Freeman’s Journal (Sydney, NSW : 1850 – 1932), Saturday 3 August 1867, page 7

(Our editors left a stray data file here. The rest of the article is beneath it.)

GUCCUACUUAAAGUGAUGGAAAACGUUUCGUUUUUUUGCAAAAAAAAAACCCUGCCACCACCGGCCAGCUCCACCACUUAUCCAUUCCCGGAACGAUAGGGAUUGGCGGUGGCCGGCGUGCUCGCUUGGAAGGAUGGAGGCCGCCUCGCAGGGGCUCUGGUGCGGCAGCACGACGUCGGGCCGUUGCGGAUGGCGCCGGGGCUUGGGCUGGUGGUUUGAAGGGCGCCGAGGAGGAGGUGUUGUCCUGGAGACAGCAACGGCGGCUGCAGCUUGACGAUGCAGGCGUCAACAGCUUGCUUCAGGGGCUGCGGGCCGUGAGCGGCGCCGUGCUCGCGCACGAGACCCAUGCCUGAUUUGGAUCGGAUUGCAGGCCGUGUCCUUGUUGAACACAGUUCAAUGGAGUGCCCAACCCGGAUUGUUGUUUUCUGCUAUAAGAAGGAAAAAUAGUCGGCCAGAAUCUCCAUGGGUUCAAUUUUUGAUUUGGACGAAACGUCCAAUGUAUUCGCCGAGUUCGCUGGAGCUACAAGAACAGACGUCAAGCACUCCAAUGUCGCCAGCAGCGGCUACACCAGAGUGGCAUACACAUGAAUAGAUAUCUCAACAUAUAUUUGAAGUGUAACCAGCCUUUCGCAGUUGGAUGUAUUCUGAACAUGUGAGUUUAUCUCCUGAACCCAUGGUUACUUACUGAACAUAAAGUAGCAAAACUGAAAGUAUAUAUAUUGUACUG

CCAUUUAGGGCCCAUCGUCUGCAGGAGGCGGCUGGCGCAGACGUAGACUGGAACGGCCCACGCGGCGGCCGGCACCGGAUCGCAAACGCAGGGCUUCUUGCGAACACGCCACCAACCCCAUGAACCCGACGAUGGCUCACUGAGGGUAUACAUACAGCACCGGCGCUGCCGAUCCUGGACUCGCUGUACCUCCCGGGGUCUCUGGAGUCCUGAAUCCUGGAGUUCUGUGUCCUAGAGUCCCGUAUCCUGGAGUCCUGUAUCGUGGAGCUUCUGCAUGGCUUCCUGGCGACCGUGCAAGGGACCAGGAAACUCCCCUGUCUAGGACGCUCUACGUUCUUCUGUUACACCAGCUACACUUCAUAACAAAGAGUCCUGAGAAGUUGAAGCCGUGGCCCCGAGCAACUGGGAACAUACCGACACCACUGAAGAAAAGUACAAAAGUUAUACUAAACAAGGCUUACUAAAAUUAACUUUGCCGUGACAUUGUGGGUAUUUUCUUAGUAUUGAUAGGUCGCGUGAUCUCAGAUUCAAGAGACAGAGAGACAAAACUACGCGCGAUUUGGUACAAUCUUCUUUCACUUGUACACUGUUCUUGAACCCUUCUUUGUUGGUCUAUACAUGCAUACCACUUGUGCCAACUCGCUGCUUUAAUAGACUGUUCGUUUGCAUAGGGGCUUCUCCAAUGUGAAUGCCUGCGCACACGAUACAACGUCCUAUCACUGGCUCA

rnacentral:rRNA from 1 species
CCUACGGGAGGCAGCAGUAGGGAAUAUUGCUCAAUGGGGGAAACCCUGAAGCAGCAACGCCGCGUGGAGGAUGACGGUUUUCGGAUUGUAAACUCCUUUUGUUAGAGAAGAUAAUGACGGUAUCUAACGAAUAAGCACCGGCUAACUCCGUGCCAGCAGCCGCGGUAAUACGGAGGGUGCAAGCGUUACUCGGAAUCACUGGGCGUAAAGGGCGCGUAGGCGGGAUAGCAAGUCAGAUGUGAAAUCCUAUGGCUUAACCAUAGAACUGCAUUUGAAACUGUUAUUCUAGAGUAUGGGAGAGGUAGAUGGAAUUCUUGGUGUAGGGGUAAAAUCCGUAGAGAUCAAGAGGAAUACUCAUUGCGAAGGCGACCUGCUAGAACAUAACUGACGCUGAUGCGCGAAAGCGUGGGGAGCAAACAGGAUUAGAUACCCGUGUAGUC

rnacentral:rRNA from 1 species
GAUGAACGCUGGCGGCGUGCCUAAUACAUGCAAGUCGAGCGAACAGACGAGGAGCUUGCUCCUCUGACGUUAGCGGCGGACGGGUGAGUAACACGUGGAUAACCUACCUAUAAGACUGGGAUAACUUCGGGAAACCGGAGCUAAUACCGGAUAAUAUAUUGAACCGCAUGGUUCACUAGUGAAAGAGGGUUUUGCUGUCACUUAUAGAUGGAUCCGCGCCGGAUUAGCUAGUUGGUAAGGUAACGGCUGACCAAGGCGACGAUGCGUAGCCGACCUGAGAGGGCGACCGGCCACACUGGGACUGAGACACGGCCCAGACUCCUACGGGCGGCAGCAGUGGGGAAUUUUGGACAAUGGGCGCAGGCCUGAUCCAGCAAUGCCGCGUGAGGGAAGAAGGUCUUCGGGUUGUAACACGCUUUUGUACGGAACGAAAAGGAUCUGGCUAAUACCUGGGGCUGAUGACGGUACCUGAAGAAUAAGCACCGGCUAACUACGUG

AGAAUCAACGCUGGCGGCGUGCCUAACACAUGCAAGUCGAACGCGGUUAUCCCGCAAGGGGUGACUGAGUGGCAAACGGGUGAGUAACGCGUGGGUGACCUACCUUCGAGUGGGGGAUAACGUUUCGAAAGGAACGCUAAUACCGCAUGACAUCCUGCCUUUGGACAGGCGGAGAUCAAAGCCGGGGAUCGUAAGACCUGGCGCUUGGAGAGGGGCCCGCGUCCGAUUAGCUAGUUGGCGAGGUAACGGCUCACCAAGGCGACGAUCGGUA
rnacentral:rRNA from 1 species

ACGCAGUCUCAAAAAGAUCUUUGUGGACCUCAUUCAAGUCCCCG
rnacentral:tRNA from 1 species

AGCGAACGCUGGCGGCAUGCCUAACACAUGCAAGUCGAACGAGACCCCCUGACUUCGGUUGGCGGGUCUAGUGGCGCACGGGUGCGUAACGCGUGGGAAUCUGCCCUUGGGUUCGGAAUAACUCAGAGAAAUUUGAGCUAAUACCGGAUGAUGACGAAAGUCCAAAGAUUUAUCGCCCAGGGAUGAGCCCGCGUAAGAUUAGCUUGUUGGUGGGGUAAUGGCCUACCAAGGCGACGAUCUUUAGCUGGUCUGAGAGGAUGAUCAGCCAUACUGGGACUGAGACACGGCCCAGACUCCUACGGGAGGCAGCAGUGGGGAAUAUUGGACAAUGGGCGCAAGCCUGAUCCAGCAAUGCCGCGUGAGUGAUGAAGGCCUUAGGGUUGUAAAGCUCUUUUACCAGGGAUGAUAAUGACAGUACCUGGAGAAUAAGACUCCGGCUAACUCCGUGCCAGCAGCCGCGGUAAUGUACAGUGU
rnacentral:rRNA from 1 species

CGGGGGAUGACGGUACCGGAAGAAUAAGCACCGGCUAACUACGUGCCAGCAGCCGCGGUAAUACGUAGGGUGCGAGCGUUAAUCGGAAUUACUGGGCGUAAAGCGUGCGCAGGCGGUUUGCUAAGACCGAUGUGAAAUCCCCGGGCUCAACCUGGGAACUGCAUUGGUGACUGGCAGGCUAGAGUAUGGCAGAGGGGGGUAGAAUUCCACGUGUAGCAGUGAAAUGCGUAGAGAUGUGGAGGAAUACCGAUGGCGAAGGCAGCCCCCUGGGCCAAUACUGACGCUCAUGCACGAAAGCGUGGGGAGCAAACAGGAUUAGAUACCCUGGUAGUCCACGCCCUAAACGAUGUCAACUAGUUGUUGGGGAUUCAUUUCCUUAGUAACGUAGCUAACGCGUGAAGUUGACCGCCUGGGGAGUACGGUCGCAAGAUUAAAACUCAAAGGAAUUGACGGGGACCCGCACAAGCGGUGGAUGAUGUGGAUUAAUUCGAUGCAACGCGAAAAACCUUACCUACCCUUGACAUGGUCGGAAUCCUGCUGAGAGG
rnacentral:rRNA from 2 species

BUSHRANGING AT THE LEVELS. — Although every bushranger of distinction, with the exception of the man calling himself Captain Thunderbolt, has been brought to justice during the last few months, it is evident that the class is not yet extinct. Only last week two new aspirants for fame, created a sensation by robbing a number of places between Grenfell and the Flat, and at Spring and Stoney Creek; and we have now to chronicle their reappearance, accompanied by a third man, at the Levels. The first two are known as Cottrell alias ‘Blue Cap,’ and Jerry Duce, while there is little doubt as to the identity of their comrade. On Monday last the trio armed with revolvers, and well mounted, rode up to Marshall’s, Merool Creek, on the Levels, and having bailed up the inmates, began to search the premises for money and other valuables; after which they proceeded to the stores, which they rifled of a very large quantity of goods consisting, principally of clothing, provisions, and spirits. Having secured their booty on some packhorses, they then regaled themselves freely at the expense of Mr. Marshall, and then rode off. “Blue-cap,” who it appears, has now regularly “turned out,” was formerly a stockman on the Billabong, and some twelve months since was charged at Forbes Police Court with shooting at Mr. Dick Taylor, Mrs. Atkyn’s overseer, with intent to commit a murder. For this he was committed for trial, but was acquitted at Bathurst from insufficient evidence. Since then he has again been in company with another noted character named Cowan for stealing several head of cattle, the property of Messrs. Jones and Miller of Cadow, and here, too, he had a narrow escape. When the police came on “Blue Cap” and Duce at Stoney Creek after their former raid, and fired upon them in the dark, it was known that one of the two men was wounded, and it now turns out that Duce was shot through the hand. Two of the horses ridden by these fellows since they have taken to the bush have been identified as being the property of the O’Meally family, one of the horses being the racer Banjo. The police are on the tracks of the bushrangers, but it is supposed from the description of goods selected by them at Marshall’s that they would hide in the scrub for a period, and emerge only when compelled to do so through hunger. — Mudgee Record.